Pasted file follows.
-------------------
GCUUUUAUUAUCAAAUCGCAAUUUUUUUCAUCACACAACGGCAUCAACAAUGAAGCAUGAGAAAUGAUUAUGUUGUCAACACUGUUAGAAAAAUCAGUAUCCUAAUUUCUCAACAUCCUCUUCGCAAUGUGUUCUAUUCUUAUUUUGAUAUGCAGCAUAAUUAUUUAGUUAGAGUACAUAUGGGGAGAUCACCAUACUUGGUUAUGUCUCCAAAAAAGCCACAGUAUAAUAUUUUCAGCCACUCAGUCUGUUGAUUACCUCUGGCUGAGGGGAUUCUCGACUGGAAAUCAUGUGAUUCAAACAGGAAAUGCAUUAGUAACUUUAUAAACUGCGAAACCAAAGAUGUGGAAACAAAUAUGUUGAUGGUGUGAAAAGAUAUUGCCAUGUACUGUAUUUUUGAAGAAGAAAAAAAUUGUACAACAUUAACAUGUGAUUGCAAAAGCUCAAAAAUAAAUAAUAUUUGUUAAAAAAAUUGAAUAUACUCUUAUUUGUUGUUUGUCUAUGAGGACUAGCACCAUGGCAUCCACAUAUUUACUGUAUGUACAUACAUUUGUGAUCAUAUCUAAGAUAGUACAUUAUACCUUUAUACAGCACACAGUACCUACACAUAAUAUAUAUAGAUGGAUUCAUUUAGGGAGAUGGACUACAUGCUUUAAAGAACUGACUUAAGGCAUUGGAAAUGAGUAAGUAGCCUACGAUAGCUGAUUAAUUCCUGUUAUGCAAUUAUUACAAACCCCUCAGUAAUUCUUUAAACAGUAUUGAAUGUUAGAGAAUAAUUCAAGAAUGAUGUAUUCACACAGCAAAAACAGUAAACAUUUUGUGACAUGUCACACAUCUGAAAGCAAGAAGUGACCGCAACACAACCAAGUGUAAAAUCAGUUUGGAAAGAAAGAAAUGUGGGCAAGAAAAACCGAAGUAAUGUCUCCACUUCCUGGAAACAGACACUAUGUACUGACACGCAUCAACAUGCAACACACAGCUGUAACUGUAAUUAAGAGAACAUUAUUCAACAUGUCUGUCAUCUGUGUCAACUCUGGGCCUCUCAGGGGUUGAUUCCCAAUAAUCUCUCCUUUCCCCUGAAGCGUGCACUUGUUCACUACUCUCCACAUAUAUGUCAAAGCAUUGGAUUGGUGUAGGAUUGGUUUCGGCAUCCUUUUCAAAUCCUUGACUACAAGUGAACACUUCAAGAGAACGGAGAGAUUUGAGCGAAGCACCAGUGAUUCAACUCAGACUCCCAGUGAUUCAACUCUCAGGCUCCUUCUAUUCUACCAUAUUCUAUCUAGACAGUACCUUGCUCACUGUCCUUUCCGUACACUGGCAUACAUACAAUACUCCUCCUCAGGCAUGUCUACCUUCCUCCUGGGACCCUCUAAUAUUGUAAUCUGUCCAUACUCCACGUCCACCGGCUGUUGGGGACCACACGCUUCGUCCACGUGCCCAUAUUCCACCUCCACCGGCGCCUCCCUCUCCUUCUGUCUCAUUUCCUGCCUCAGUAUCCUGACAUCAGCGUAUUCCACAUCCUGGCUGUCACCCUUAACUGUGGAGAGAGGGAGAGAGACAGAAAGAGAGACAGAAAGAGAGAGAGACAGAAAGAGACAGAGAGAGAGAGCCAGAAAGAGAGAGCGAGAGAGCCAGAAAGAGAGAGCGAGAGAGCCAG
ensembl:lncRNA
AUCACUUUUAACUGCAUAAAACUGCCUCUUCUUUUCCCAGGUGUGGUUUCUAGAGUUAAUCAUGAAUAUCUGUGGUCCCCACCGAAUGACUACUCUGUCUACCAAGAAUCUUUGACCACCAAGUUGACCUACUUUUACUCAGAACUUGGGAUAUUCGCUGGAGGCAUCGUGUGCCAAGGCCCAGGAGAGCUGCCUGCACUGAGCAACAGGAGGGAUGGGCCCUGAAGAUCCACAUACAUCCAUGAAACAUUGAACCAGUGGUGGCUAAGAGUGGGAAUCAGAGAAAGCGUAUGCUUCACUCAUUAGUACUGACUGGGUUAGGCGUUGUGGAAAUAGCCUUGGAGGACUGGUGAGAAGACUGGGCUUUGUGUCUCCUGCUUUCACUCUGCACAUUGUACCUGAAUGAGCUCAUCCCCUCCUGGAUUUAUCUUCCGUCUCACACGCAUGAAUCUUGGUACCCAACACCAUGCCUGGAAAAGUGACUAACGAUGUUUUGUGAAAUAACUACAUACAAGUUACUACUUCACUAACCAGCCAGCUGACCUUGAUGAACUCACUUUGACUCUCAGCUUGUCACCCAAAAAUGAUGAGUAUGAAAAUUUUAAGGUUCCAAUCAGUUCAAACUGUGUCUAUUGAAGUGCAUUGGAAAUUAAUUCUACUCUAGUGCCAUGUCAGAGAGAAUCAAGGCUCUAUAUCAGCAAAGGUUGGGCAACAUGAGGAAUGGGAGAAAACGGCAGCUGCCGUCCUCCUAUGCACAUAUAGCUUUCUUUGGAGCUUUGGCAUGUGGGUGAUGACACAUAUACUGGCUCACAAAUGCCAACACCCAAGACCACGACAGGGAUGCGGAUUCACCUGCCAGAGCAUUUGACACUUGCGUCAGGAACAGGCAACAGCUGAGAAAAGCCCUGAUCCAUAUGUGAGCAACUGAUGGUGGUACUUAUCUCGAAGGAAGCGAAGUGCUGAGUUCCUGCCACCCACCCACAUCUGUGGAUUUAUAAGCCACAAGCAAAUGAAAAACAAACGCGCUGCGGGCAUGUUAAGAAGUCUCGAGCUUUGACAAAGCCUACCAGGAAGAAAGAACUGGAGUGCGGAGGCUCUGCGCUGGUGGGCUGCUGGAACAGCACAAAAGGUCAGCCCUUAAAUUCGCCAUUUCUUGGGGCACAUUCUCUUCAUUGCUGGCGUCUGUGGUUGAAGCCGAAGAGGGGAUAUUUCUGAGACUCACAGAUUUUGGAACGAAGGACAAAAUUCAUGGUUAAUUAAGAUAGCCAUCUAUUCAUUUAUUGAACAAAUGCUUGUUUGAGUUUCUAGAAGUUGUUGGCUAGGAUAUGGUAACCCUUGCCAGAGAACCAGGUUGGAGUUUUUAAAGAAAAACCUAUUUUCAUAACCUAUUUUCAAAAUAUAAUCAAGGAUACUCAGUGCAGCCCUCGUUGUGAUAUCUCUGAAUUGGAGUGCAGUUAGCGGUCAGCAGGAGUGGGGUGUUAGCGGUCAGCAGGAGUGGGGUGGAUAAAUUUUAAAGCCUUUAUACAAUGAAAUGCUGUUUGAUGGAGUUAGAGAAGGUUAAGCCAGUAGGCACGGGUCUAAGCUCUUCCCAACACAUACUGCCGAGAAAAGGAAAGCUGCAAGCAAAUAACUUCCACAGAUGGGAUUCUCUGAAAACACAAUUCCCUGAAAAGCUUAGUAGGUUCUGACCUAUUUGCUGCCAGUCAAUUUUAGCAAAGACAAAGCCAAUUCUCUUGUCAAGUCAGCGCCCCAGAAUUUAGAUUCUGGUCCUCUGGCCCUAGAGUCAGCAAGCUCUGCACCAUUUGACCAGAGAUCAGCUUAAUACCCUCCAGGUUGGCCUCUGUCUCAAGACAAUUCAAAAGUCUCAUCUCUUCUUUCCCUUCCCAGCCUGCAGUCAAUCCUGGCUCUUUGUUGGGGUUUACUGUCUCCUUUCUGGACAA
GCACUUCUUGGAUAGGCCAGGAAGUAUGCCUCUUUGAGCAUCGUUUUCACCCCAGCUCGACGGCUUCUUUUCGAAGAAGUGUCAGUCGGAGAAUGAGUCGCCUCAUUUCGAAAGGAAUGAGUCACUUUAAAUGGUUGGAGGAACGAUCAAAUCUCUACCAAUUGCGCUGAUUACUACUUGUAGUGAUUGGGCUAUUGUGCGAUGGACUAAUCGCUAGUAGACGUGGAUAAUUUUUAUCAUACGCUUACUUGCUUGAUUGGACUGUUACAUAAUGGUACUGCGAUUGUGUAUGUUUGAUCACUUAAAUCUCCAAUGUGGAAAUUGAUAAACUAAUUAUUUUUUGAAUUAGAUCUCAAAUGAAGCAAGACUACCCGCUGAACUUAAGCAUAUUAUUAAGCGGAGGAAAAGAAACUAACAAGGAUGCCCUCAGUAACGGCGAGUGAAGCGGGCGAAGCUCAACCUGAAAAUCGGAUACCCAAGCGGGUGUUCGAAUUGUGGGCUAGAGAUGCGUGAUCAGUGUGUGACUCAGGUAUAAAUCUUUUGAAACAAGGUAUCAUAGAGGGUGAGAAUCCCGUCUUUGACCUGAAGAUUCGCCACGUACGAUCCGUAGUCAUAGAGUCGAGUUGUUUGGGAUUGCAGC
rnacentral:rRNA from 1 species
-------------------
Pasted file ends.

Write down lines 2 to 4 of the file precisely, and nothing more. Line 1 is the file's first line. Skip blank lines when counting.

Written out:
ensembl:lncRNA
AUCACUUUUAACUGCAUAAAACUGCCUCUUCUUUUCCCAGGUGUGGUUUCUAGAGUUAAUCAUGAAUAUCUGUGGUCCCCACCGAAUGACUACUCUGUCUACCAAGAAUCUUUGACCACCAAGUUGACCUACUUUUACUCAGAACUUGGGAUAUUCGCUGGAGGCAUCGUGUGCCAAGGCCCAGGAGAGCUGCCUGCACUGAGCAACAGGAGGGAUGGGCCCUGAAGAUCCACAUACAUCCAUGAAACAUUGAACCAGUGGUGGCUAAGAGUGGGAAUCAGAGAAAGCGUAUGCUUCACUCAUUAGUACUGACUGGGUUAGGCGUUGUGGAAAUAGCCUUGGAGGACUGGUGAGAAGACUGGGCUUUGUGUCUCCUGCUUUCACUCUGCACAUUGUACCUGAAUGAGCUCAUCCCCUCCUGGAUUUAUCUUCCGUCUCACACGCAUGAAUCUUGGUACCCAACACCAUGCCUGGAAAAGUGACUAACGAUGUUUUGUGAAAUAACUACAUACAAGUUACUACUUCACUAACCAGCCAGCUGACCUUGAUGAACUCACUUUGACUCUCAGCUUGUCACCCAAAAAUGAUGAGUAUGAAAAUUUUAAGGUUCCAAUCAGUUCAAACUGUGUCUAUUGAAGUGCAUUGGAAAUUAAUUCUACUCUAGUGCCAUGUCAGAGAGAAUCAAGGCUCUAUAUCAGCAAAGGUUGGGCAACAUGAGGAAUGGGAGAAAACGGCAGCUGCCGUCCUCCUAUGCACAUAUAGCUUUCUUUGGAGCUUUGGCAUGUGGGUGAUGACACAUAUACUGGCUCACAAAUGCCAACACCCAAGACCACGACAGGGAUGCGGAUUCACCUGCCAGAGCAUUUGACACUUGCGUCAGGAACAGGCAACAGCUGAGAAAAGCCCUGAUCCAUAUGUGAGCAACUGAUGGUGGUACUUAUCUCGAAGGAAGCGAAGUGCUGAGUUCCUGCCACCCACCCACAUCUGUGGAUUUAUAAGCCACAAGCAAAUGAAAAACAAACGCGCUGCGGGCAUGUUAAGAAGUCUCGAGCUUUGACAAAGCCUACCAGGAAGAAAGAACUGGAGUGCGGAGGCUCUGCGCUGGUGGGCUGCUGGAACAGCACAAAAGGUCAGCCCUUAAAUUCGCCAUUUCUUGGGGCACAUUCUCUUCAUUGCUGGCGUCUGUGGUUGAAGCCGAAGAGGGGAUAUUUCUGAGACUCACAGAUUUUGGAACGAAGGACAAAAUUCAUGGUUAAUUAAGAUAGCCAUCUAUUCAUUUAUUGAACAAAUGCUUGUUUGAGUUUCUAGAAGUUGUUGGCUAGGAUAUGGUAACCCUUGCCAGAGAACCAGGUUGGAGUUUUUAAAGAAAAACCUAUUUUCAUAACCUAUUUUCAAAAUAUAAUCAAGGAUACUCAGUGCAGCCCUCGUUGUGAUAUCUCUGAAUUGGAGUGCAGUUAGCGGUCAGCAGGAGUGGGGUGUUAGCGGUCAGCAGGAGUGGGGUGGAUAAAUUUUAAAGCCUUUAUACAAUGAAAUGCUGUUUGAUGGAGUUAGAGAAGGUUAAGCCAGUAGGCACGGGUCUAAGCUCUUCCCAACACAUACUGCCGAGAAAAGGAAAGCUGCAAGCAAAUAACUUCCACAGAUGGGAUUCUCUGAAAACACAAUUCCCUGAAAAGCUUAGUAGGUUCUGACCUAUUUGCUGCCAGUCAAUUUUAGCAAAGACAAAGCCAAUUCUCUUGUCAAGUCAGCGCCCCAGAAUUUAGAUUCUGGUCCUCUGGCCCUAGAGUCAGCAAGCUCUGCACCAUUUGACCAGAGAUCAGCUUAAUACCCUCCAGGUUGGCCUCUGUCUCAAGACAAUUCAAAAGUCUCAUCUCUUCUUUCCCUUCCCAGCCUGCAGUCAAUCCUGGCUCUUUGUUGGGGUUUACUGUCUCCUUUCUGGACAA
GCACUUCUUGGAUAGGCCAGGAAGUAUGCCUCUUUGAGCAUCGUUUUCACCCCAGCUCGACGGCUUCUUUUCGAAGAAGUGUCAGUCGGAGAAUGAGUCGCCUCAUUUCGAAAGGAAUGAGUCACUUUAAAUGGUUGGAGGAACGAUCAAAUCUCUACCAAUUGCGCUGAUUACUACUUGUAGUGAUUGGGCUAUUGUGCGAUGGACUAAUCGCUAGUAGACGUGGAUAAUUUUUAUCAUACGCUUACUUGCUUGAUUGGACUGUUACAUAAUGGUACUGCGAUUGUGUAUGUUUGAUCACUUAAAUCUCCAAUGUGGAAAUUGAUAAACUAAUUAUUUUUUGAAUUAGAUCUCAAAUGAAGCAAGACUACCCGCUGAACUUAAGCAUAUUAUUAAGCGGAGGAAAAGAAACUAACAAGGAUGCCCUCAGUAACGGCGAGUGAAGCGGGCGAAGCUCAACCUGAAAAUCGGAUACCCAAGCGGGUGUUCGAAUUGUGGGCUAGAGAUGCGUGAUCAGUGUGUGACUCAGGUAUAAAUCUUUUGAAACAAGGUAUCAUAGAGGGUGAGAAUCCCGUCUUUGACCUGAAGAUUCGCCACGUACGAUCCGUAGUCAUAGAGUCGAGUUGUUUGGGAUUGCAGC